While there is no such thing as a perfect IT project, some of these losses could have been avoided if there was a robust software testing process in place during development and deployment.
Some companies skip the testing altogether because it’s an added cost to the overall price of a software project. While testing will increase the price of the initial project, it will lower the lifetime costs of the project if done correctly.
Here’s how we define software testing
When we say software testing, we are referring to testing done by actual software testers who are trained to spot, report and ensure that errors are corrected.
In an ideal setup, developers shouldn’t be testing at all. The problem with developers testing is that most of them do not like to do it and when they are asked to test, they tend to use the same test scenarios over again, resulting in bugs not being found.
Dedicated software testers, on the other hand, have the experience and expertise paired with a rigorous testing process and tools to ensure that errors are found and reported.
Not all software companies have a dedicated team of testers, so they either let their customer test the output or hire an external team of software testers to work with the development team throughout the project.
The real costs of not doing software testing
No matter how competent developers and designers are, errors and bugs are inevitable in software projects. Without a formal testing process, the end users (customers) will do the testing—which does not always produce ideal results.
Imagine a webshop with an error in the checkout. Most customers will not report the error, they will simply move on to the next similar webshop and the company will not get the sale. Scale that up to 10, 20 or 30 times.
2. Time and effort
Fixing errors in the later phases of a development project is more challenging than fixing them as the project is progressing.
This is because errors discovered at the tail end of a project may require code written at the beginning to be modified. This can then have a trickle-down effect where errors are introduced elsewhere in the application.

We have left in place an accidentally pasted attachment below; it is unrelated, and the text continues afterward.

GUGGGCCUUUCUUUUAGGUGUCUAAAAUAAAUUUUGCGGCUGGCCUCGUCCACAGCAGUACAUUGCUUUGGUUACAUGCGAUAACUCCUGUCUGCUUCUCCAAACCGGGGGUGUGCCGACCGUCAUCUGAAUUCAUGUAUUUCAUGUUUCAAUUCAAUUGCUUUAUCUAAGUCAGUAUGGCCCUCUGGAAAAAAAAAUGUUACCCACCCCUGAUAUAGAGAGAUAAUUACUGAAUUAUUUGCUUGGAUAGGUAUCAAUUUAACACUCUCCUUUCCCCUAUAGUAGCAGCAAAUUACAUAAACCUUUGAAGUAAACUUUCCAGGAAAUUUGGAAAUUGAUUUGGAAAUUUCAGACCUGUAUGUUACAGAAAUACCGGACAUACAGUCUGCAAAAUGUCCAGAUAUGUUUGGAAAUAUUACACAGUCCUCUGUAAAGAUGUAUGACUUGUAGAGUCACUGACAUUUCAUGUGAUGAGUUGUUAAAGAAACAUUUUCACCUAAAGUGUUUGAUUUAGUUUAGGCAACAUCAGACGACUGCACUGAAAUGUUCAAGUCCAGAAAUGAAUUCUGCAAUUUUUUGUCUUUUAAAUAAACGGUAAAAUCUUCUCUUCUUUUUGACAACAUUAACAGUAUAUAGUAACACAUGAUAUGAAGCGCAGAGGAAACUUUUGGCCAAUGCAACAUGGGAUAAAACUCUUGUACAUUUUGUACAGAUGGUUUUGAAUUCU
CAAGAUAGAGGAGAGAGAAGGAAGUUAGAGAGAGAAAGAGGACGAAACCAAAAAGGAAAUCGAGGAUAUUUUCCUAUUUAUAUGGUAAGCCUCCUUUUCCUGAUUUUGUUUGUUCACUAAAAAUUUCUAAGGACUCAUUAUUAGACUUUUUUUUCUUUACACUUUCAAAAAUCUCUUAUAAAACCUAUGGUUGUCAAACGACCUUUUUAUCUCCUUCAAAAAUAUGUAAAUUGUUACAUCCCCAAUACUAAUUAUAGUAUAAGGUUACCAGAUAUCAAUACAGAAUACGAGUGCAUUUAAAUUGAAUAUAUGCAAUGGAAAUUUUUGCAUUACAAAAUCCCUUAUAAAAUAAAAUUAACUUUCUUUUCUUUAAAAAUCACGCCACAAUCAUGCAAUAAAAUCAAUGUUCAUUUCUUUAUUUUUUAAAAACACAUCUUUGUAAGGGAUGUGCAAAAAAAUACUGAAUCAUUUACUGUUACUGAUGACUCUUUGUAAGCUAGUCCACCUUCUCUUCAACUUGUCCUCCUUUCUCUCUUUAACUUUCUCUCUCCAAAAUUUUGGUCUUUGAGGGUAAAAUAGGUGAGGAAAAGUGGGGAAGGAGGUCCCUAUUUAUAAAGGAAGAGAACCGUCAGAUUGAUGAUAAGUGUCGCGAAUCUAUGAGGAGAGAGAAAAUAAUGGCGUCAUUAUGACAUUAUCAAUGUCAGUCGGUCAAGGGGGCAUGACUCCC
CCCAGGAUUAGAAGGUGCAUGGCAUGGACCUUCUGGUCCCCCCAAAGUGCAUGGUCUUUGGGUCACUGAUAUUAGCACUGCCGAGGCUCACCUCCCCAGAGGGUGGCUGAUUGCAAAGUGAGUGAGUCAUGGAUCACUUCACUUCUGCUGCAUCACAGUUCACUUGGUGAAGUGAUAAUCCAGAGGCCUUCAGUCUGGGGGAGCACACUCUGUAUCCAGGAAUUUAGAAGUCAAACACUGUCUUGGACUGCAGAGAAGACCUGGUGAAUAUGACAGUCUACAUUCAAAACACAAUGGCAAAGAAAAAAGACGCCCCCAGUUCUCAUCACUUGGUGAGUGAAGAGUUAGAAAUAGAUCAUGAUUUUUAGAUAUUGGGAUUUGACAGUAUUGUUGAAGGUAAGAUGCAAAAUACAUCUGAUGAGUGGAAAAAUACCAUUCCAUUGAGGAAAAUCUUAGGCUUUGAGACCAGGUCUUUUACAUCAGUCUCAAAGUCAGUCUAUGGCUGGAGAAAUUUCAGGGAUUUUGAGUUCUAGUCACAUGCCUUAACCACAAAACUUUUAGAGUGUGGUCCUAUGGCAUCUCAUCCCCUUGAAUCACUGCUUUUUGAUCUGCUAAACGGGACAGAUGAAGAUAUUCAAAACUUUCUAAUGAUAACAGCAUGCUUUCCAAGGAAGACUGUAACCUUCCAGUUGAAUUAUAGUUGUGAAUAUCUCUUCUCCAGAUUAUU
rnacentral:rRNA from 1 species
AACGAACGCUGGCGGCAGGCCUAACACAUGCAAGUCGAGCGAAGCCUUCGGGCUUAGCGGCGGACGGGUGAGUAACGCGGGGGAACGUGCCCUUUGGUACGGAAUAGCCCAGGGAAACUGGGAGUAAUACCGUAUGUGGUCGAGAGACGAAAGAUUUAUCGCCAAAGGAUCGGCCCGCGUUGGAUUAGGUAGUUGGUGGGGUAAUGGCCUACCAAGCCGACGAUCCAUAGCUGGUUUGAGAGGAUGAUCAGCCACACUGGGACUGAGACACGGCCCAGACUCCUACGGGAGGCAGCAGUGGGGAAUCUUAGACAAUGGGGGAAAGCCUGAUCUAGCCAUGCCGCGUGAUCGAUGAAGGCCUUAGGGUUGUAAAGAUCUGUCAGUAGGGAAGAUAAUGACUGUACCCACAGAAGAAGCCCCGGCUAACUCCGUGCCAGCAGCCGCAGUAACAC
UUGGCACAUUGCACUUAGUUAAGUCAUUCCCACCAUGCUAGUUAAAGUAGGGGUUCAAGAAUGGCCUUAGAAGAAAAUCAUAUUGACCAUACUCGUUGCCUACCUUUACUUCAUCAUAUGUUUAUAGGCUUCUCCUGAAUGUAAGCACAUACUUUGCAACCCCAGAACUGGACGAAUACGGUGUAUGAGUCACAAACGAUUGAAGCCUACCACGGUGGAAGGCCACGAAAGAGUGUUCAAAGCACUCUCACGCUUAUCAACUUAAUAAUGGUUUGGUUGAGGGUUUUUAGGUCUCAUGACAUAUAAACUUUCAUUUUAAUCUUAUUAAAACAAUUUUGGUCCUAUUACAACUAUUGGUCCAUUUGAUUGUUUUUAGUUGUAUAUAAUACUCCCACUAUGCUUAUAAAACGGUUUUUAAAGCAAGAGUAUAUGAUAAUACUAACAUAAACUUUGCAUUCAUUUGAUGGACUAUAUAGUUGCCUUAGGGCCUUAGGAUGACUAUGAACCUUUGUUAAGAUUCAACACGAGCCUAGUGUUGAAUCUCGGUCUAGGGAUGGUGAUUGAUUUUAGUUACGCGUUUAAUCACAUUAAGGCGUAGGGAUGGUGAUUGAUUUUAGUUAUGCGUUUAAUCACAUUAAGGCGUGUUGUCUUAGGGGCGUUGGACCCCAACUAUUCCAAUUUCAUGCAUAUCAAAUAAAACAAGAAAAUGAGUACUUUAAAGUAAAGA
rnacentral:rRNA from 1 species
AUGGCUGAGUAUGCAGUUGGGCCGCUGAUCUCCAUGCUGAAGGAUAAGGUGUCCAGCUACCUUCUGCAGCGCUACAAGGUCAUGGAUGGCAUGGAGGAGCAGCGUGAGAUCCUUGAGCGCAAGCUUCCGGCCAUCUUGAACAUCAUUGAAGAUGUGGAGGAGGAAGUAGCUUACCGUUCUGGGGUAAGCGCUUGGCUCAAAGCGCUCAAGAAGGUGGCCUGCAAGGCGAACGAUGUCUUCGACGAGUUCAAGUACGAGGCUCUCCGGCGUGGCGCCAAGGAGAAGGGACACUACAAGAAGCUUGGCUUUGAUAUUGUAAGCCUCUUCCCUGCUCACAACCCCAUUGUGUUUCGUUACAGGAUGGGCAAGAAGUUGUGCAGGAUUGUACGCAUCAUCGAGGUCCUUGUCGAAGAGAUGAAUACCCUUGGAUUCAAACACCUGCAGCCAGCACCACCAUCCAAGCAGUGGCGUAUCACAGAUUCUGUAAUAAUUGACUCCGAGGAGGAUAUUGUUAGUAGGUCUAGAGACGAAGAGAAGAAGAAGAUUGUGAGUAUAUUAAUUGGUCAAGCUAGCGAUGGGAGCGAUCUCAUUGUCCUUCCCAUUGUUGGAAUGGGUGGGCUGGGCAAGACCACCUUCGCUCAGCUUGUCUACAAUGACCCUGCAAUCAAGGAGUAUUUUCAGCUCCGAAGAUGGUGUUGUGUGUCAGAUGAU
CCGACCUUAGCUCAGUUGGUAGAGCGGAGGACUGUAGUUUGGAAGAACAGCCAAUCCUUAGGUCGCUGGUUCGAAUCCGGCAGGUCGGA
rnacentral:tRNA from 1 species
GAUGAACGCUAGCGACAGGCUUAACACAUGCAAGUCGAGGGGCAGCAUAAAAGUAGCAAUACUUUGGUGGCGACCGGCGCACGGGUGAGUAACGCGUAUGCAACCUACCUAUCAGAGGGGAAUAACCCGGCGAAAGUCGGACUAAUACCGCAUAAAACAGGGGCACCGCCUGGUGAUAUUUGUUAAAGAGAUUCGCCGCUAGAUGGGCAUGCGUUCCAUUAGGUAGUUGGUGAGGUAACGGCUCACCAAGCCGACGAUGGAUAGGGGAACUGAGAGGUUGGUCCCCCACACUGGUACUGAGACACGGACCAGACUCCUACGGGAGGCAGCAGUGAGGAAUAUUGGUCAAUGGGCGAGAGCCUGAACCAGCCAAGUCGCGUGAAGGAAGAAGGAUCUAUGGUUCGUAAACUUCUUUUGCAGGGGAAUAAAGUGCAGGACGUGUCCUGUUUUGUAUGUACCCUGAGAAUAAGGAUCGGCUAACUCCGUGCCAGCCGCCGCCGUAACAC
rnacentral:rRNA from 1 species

The time and effort spent in fixing the errors cost money. Instead of spending money on features and upgrades that could improve the functionality or quality of the software, the money is spent on fixing errors that would have cost a lot less to fix had they been identified earlier in the development process.
Furthermore, if you’re a project manager in a software development company, there are cases where you cannot ask the client to pay for the time you’ve spent on fixing the errors that were discovered too late. The time spent therefore becomes non-billable.
What testing can bring in every project phase
Often, when companies incorporate testing, they fall at the later stages. Testing should not be a one-time thing.
There’s a common saying amongst the testers—which is to test early and test often. After all, software evolves as you add features and make upgrades. As such, good software development means including testing in all phases.
A note on ‘Automated Testing’
For complex software projects or projects where developers make constant updates (and therefore have to make many deployments), it is not only expensive but also may not be possible to do manual testing after each deployment due to the number of tests that have to be performed.
This is where automated testing is useful because it makes it possible to ‘remote control’ a website, webshop, or web application just like if it was a human—and that way find and report errors to the developers.
This feature can be used in conjunction with automated deployment so that ‘all’ a developer has to do is to click a button and then a computer will install and test the updates without any human intervention.